Open this publication in new window or tab >>Independent Ageing in Very Old Swedish Men
2019 (English)Doctoral thesis, comprehensive summary (Other academic)
Abstract [en]

Predictors for survival have been investigated thoroughly, but less is known about how to reach high age with preserved physical and cognitive function. These functions are crucial to stay independent in daily life, which is highly valued by the oldest old.

This thesis was based on data from the Uppsala Longitudinal Study in Adult Men. In 1970, all men born in 1920-24 and living in Uppsala were invited to the study, and 82% (n=2,322) participated in the first investigation. In this thesis, data are used from the investigations cycles at the ages of 50, 71, 87 and 92 years. Independent ageing was defined as follows: having independency in personal care and the ability to walk outdoors alone, being community-dwelling, having a Mini-Mental State Examination score of 25 points or greater, and having no diagnosed dementia.

Thirty-seven percent of the original cohort survived to the age of 85. At a mean age of 87, 74% of the participants were independently aged, while at a mean age of 92 the prevalence of independent ageing was 64%. In Paper I, non-smoking and normal weight at a mean age of 50 were associated with independent ageing at a mean age of 87 years. In Paper II, never smoking, not being obese, and a high adherence to a Mediterranean-like diet at a mean age of 71 were associated with independent ageing at a mean age of 87. In both Papers I and II, high leisure time physical activity was associated with survival, but not with independent ageing. In Paper III, higher gait speed and hand grip strength and a faster chair stand test were cross-sectionally associated with independent ageing at a mean age of 87. Higher gait speed was also longitudinally associated with independent ageing five years. However, muscle mass and sarcopenia were not associated with the outcome. In Paper IV, a history of stroke, osteoarthritis, hip fracture and chronic obstructive pulmonary disease were associated with loss of independent ageing at a mean age of 92.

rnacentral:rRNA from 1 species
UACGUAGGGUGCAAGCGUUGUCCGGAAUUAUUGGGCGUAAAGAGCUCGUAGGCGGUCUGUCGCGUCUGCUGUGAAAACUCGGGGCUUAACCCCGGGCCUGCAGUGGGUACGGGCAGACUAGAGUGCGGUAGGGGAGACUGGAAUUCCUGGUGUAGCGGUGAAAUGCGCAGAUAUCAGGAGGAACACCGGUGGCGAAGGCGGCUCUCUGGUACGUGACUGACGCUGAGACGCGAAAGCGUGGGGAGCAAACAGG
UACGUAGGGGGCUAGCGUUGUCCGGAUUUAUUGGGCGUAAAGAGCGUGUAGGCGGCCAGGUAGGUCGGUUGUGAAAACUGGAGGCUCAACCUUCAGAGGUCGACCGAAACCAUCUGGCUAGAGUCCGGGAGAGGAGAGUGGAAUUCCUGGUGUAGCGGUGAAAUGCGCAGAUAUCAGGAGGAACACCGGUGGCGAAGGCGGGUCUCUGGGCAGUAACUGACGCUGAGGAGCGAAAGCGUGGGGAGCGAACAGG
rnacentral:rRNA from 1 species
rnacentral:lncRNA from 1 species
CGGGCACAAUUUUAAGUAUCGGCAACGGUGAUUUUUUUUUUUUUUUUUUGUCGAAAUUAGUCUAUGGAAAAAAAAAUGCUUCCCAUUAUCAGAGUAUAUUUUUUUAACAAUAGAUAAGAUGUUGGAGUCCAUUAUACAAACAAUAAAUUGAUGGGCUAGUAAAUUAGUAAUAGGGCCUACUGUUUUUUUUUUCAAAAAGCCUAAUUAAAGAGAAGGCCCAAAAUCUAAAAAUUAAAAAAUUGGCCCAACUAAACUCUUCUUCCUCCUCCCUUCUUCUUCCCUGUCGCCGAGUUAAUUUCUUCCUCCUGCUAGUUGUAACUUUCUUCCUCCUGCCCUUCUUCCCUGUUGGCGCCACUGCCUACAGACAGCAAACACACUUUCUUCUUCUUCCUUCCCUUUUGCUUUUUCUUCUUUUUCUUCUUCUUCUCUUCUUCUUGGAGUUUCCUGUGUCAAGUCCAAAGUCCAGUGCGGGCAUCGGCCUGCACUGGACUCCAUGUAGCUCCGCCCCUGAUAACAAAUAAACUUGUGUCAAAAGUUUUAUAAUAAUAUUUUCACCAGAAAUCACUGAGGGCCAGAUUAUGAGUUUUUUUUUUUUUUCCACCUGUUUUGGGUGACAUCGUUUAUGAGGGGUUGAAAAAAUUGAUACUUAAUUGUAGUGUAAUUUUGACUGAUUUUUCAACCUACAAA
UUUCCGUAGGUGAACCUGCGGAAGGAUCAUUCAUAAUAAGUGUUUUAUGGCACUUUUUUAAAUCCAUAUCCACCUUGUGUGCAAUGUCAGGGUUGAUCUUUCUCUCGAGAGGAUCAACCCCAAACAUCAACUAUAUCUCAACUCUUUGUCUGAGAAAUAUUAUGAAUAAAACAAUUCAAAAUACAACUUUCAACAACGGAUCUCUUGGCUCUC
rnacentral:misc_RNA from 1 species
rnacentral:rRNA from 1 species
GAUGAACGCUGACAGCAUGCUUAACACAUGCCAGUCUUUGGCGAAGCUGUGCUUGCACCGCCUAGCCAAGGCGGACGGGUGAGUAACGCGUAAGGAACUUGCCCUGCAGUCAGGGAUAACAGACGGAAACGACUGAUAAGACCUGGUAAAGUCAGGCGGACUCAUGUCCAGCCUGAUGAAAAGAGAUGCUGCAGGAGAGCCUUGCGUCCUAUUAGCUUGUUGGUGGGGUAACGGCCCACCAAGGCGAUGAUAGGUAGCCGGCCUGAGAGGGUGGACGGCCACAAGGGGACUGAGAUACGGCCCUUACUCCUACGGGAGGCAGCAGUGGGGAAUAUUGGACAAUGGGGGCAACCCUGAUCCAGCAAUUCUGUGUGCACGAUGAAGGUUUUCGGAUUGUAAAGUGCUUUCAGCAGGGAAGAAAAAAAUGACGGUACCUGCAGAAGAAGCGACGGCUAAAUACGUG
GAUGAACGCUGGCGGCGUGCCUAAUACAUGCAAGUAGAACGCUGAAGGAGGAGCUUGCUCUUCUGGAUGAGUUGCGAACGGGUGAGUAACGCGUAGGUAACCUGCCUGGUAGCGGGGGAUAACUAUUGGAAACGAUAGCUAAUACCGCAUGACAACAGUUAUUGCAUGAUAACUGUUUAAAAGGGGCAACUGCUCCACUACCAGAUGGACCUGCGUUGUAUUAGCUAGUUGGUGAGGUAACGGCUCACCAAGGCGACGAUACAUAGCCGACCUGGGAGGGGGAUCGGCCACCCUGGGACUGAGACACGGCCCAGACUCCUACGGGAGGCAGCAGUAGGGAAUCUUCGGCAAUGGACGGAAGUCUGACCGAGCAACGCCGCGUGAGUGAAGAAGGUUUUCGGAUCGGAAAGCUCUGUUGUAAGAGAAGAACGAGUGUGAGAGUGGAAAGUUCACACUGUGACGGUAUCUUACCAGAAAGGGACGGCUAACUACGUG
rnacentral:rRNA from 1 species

Smoking, weight and diet are all modifiable risk factors associated with independent ageing. If decreased smoking and a normalised weight in the population could diminish stroke, hip fracture, chronic obstructive pulmonary disease and osteoarthritis, the prevalence of independent ageing could rise, even in nonagenarians. Additionally, a Mediterranean-like diet may contribute to both survival and independent ageing.

Place, publisher, year, edition, pages
Uppsala: Acta Universitatis Upsaliensis, 2019. p. 77
Series
Digital Comprehensive Summaries of Uppsala Dissertations from the Faculty of Medicine, ISSN 1651-6206 ; 1558
Keywords
Independent ageing, survival, sarcopenia, comorbidity, body mass index, smoking, dietary pattern, dietary biomarkers, longitudinal, octogenarians, nonagenarians
National Category
Geriatrics
Research subject
Geriatrics
Identifiers
urn:nbn:se:uu:diva-380162 (URN)978-91-513-0613-1 (ISBN)
Public defence
2019-05-16, Enghoffsalen, Akademiska sjukhuset, Ingång 50, Uppsala, 09:15 (Swedish)
Opponent
Supervisors
Available from: 2019-04-24 Created: 2019-03-26 Last updated: 2019-06-17

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Franzon, KristinZethelius, BjornCederholm, TommyKilander, Lena